Friday, 2 March 2018

As the icy grip of the "beast from the east" took hold on the island, temperatures plummeted lower still and a generous dump of snow on the island overnight and throughout the day made for an interested mornings census. The most bizarre record of the day was seven Shovlers, the 26th record for the island, observed feeding on a small pond in the Wetlands. Although mostly frozen over,  a small area had not quite succumbed to the big freeze allowing them to feed happily as the snow continued to fall. A flock of nine Teals were also present along with ten Mallards added to todays wildfowl count.

A quite unusual record and rare species of Wildfowl for Bardsey Island, seven Shovlers feeding on a mostly frozen pond in the Wetlands
A Merlin had joined the frey, harassing everything in sight as it cruised the island, some Golden Plovers succumbing to its tallons, the remains of which would be found over the coming days. Tallies of Golden Plovers and Lapwings, 60 and 33, had dwindled slightly and as the conditions harshened and the ground firmed up under frost it was clear that a lot of birds were unable to feed and had turned to seeking shelter behind anything they could find. A pair of Ringed Plovers prevailed and were joined by a single Dunlin whilst the most considerable sightings in terms of numbers were the presence of gulls around the Narrows which were clearly gorging themselves on something unknown along the tide line. These included six Black-headed Gulls, 20 Common Gulls, a Lesser Black-backed Gull, 350 Herring Gulls and two Greater Black-backed Gulls. A pair of Mistle Thrushes were the only other species of note.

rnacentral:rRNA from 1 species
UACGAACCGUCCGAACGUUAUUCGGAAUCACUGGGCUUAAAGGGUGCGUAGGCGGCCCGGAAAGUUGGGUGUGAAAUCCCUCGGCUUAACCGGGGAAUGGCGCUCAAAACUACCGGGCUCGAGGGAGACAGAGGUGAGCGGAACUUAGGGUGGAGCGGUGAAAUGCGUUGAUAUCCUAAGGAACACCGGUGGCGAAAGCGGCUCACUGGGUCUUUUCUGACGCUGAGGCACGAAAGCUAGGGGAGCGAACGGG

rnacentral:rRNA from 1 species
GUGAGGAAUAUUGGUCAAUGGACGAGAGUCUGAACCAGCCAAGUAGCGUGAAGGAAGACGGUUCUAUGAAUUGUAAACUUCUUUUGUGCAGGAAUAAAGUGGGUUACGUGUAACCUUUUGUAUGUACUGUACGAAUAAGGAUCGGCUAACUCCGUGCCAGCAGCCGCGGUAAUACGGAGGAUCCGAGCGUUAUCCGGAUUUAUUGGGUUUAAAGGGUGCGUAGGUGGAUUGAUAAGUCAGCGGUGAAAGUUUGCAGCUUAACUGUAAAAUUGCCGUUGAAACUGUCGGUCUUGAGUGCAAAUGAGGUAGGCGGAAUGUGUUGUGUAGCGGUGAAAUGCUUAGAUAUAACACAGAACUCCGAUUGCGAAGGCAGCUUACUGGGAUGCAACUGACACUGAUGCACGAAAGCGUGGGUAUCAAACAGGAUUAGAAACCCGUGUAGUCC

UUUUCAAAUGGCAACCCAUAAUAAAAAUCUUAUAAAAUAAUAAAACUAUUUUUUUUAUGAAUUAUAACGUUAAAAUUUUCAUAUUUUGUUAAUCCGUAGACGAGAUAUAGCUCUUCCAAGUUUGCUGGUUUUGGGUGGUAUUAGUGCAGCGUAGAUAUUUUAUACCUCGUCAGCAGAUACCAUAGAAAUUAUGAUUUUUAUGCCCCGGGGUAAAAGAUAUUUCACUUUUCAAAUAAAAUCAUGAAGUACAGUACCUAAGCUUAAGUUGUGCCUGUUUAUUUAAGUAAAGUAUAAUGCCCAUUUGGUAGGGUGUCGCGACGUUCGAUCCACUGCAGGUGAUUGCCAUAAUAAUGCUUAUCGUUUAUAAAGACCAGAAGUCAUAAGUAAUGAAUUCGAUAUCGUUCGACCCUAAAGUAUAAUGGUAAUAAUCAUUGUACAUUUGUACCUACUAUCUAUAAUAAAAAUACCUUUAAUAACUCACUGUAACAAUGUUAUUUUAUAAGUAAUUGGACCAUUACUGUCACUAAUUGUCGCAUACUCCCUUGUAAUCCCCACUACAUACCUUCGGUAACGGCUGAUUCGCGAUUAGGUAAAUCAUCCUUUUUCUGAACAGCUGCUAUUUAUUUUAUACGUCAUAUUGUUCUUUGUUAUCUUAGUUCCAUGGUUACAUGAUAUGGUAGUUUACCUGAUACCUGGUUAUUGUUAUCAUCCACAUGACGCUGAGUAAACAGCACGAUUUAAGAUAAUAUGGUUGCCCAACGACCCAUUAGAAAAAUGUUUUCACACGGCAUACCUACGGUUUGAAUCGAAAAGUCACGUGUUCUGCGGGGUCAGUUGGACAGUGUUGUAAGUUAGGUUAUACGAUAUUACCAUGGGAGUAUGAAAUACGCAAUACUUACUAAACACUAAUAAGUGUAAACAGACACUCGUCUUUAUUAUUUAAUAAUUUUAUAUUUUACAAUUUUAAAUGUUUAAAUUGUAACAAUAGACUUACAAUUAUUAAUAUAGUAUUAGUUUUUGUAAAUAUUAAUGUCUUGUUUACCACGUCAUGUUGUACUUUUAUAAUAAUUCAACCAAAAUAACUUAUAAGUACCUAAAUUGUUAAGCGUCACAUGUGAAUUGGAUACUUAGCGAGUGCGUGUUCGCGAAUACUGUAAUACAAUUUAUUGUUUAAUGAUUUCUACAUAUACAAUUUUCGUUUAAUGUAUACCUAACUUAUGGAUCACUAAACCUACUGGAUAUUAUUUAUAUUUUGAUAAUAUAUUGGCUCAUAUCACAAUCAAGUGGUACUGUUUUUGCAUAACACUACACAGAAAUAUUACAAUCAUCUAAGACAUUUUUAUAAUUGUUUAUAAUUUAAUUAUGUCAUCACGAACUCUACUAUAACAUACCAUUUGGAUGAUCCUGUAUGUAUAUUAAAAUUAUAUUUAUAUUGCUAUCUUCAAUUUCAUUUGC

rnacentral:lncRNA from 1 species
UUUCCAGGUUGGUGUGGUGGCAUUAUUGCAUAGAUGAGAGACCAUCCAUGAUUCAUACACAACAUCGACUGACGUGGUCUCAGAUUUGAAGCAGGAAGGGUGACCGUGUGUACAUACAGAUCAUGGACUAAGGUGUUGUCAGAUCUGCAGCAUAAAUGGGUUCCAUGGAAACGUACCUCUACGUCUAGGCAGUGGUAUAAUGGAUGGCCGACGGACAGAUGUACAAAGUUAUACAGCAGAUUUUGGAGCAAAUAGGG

The whole spectacle highlights how much at the mercy of the weather living organisms on this planet can be, but equally as impressive is the resilience of species to cope with the worst conditions and still prevail.

No comments:

Post a Comment